Sterling and lawyers finalize the marriage contract (Cameron Laurie, Jack Morton, Keegan O’Connor, Philip Stonhouse). Jim Smagata Photo

Since its inception in 1993, Theatre Erindale has staged over 75 productions, including its recent adaptation of The Clandestine Marriage, which closes out the season this week. Remaining true to this year’s theme of “Violations,” David Garrick and George Colman’s 1766 comedy recounts the tale of a wealthy young woman named Fanny (Sophia Fabiilli), who loves a simple clerk named Lovewell (Mark Johnston). Fanny cannot tell anyone about their relationship (except her exasperated maid Betty, played by Nora Williams) for fear that her father, the overindulgent, money-obsessed man Sterling (Keegan O’Conner) will disapprove of Lovewell’s less-than-affluent status and therefore forbid their union.

Meanwhile, Sterling’s elder daughter, Betsy (Kathryn Alexandre), excitedly busies herself with thoughts of dresses and diamonds as her wedding to Sir John Melvil (Andrew Soutter) approaches. But when she unexpectedly catches her betrothed holding the hand of her younger sister, she vows to exact vengeance of the most extreme kind on Fanny. Sir John openly declares his love to a slightly horrified Fanny, confesses this infatuation to a flabbergasted Lovewell and later speaks of it to his uncle, Lord Ogleby (Kevin Owen), who has his own ploy to make Fanny Lady Ogleby.

Yet more characters are thrown into the complicated mix and fuel the transgressions even further through their humorous and bold personalities. The refined and “qualatty” advocating Mrs. Heidelberg (Rachelle Magil) favors her bitter niece Betsy, frowns upon the innocent Cinderella-like Franny, and orders the housekeeper (Jenny Rockman) around, much like the Queen of Hearts does to her disciples in Alice in Wonderland. There is also Lord Ogleby’s lovable Swiss aide, Canton (Paolo Santalucia) who, through his finicky manner and quaint French phrases, supports his aged master’s ridiculous attempts at appearing younger and desirable to the ladies. Late night romps between Brush (Michael Twyman) and the chambermaid (Laura Jabalee) add to the secretive intrigue of plot, and the property distribution encounters between a trio of lawyers, played by Cameron Laurie, Phillip Stonhouse and Jack Morton, served to contrast the amorous nature of the two households.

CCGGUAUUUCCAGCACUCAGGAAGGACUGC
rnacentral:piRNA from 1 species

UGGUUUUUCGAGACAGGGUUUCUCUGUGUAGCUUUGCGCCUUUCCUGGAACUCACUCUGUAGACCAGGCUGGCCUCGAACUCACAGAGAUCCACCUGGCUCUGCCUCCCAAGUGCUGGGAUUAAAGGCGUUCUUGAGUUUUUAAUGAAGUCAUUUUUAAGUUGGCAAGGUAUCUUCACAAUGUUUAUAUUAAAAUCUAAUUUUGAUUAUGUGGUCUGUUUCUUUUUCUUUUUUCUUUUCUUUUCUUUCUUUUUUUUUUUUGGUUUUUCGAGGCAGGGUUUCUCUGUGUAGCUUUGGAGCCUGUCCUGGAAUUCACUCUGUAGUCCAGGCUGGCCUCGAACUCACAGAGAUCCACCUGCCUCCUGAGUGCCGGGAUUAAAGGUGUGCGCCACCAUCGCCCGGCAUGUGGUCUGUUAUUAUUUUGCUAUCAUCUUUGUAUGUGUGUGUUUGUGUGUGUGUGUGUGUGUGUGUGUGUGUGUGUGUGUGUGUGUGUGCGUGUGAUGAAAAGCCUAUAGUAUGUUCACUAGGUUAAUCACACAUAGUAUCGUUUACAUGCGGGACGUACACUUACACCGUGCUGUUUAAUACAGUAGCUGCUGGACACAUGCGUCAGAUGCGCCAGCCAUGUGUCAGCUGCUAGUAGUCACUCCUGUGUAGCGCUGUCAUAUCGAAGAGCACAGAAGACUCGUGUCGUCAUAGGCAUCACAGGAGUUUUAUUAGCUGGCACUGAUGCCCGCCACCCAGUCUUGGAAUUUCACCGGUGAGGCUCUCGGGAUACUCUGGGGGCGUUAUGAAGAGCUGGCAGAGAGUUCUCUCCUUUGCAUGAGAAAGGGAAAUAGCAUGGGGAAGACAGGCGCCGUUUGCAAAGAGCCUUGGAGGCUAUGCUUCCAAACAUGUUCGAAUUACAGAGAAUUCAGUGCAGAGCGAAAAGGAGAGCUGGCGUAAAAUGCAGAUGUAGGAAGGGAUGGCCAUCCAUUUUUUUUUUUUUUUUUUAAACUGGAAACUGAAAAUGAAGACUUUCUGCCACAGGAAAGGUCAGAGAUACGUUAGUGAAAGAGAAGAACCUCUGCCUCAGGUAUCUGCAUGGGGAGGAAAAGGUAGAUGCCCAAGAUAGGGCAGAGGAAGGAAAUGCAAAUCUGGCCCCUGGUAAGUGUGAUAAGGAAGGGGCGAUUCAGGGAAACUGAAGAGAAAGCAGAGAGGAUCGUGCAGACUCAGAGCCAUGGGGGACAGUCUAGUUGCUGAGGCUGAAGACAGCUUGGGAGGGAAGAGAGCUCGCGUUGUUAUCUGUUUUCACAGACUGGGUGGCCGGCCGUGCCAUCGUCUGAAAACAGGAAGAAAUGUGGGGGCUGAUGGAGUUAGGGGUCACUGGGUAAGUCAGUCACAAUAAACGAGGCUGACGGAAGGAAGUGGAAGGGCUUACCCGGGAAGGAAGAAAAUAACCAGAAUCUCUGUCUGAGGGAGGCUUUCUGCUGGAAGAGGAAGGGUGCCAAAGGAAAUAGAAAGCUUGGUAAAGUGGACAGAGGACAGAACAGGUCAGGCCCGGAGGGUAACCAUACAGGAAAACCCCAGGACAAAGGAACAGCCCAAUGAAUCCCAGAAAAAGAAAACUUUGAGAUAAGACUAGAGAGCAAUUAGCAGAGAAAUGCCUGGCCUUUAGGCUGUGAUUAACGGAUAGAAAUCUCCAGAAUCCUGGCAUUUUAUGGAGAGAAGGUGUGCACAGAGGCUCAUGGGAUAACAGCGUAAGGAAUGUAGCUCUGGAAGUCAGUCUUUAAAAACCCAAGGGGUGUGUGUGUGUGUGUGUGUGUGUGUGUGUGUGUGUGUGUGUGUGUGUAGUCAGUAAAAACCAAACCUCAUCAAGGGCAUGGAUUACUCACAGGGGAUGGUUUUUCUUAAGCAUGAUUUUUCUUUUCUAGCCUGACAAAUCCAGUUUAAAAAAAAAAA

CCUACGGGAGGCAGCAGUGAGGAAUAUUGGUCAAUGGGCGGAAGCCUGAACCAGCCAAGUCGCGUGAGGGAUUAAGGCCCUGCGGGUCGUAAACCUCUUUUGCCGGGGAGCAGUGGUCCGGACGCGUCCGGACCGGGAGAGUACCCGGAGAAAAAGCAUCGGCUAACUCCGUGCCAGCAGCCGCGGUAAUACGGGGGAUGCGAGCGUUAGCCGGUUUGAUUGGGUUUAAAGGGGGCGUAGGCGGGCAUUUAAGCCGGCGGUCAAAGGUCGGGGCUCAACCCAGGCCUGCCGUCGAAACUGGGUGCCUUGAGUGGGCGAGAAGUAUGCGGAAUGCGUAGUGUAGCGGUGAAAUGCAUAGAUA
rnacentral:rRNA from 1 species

The usual control room disclaimer that reminds the audience of some pre-show rules was ingeniously replaced when Soutter addressed the crowd, repeating the same rules in cleverly crafted, English-accented verse. Playing off an elaborately constructed set, the cast expertly remodeled the stage each time the plot called for a new scene, as they moved chairs and tables around rhythmically while singing to a Victorian tune. Another harmoniously in sync feature was the tableau of characters with their umbrellas raised and backs turned to the scenes unfolding between Betsy and Fanny. These characters exhaled deeply after a confrontational or troublesome exchange.

Many entertaining moments took place, such as the audience’s bewilderment when Sterling drinks a glass of peppermint water that Lord Ogleby may or may not have used as mouthwash, or when the entire group was about to break down the door of Fanny’s room in order to reveal Melvil hiding inside, only to jump out of their skin when he turns up beside them.

Under the skillful directing of Peter Van Wart, the entire ensemble gave a memorable performance. Each individual role was so well acted that the talent of the actors made the play. Not only were their attempts at a wide variety of European accents spot on, but their strong character portrayals had such conviction that each cast member truly brought something original and essential to the success of the collective effort.